8

I would like to encircle one character inside a LaTeX formula. An example is

$f_1 = ...$ or $f_k = ...$,

where I want to encircle the characters 1 and k. I've found some questions (question 1, question 2) about how to encircle one character or an entire (small) formula. But how should I encircle only one character of a LaTeX formula? Is there an easy solution such as

$f_\encircled{1} = ...$

(my preference), should I use symbols such as from the \ding library, or use TikZ?

2 Answers 2

11

Slight improvement of ThV's answer, in order to preserve the proper math style.

\documentclass{article}

\usepackage{tikz}

\makeatletter
\newcommand*{\encircled}[1]{\relax\ifmmode\mathpalette\@encircled@math{#1}\else\@encircled{#1}\fi}
\newcommand*{\@encircled@math}[2]{\@encircled{$\m@th#1#2$}}
\newcommand*{\@encircled}[1]{%
  \tikz[baseline,anchor=base]{\node[draw,circle,outer sep=0pt,inner sep=.2ex] {#1};}}
\makeatother

\begin{document}

\encircled{Text} outside math. $\encircled{n=1}$ formula.
\[
f_{\encircled{n}} = \encircled{f_n}
\]

\end{document}

enter image description here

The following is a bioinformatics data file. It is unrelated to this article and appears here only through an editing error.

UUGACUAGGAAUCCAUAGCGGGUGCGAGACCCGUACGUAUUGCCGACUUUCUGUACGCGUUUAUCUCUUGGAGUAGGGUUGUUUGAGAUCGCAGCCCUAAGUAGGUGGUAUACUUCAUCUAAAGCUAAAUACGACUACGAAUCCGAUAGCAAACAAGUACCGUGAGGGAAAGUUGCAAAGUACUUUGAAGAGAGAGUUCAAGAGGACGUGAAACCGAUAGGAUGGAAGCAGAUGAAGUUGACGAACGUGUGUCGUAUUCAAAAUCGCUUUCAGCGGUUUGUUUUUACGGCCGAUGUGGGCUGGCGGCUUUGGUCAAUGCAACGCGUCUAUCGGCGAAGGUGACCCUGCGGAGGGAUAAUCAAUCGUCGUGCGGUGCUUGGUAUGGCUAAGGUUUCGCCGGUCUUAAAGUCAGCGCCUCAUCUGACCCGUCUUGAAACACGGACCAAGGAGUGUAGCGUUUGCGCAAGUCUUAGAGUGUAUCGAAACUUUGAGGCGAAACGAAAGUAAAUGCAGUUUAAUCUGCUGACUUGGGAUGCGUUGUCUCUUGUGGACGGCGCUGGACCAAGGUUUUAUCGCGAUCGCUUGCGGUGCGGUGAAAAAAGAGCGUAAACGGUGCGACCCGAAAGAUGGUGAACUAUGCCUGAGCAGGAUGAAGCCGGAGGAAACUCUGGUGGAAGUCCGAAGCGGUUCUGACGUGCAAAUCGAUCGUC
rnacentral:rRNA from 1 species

6

I would use TikZ to achieve this. Here's some rough sample code that is similar to what is used in the answers to question 1 and question 2 that you mentioned:

\documentclass{article}
\usepackage{tikz}

\newif\ifstartedinmathmode
\newcommand\encircled[1]{%
  \relax\ifmmode\startedinmathmodetrue\else\startedinmathmodefalse\fi%
  \tikz[baseline,anchor=base]{%
  \node[draw,circle,outer sep=0pt,inner sep=.2ex]
    {\ifstartedinmathmode$#1$\else#1\fi};}%
}

\begin{document}

\encircled{Text} outside math. \encircled{$n=1$} formula.
Or $\encircled{n}$ like this.
\[ f_{\encircled{n}} = \encircled{f_n} \]

\end{document}

For convenience, I've added code to automatically switch to math mode if needed. This is based on question 3.

enter image description here

2
  • @campa : what do you mean with "wrong style for the subscript"?
    – pzorba75
    Commented Feb 2, 2018 at 12:10
  • 3
    @pzorba75 Look at the size of the encircled subscript n: it's larger than on the right-hand side. The latter uses (correctly) \scriptstyle, while the former employs \textstyle.
    – campa
    Commented Feb 2, 2018 at 12:12

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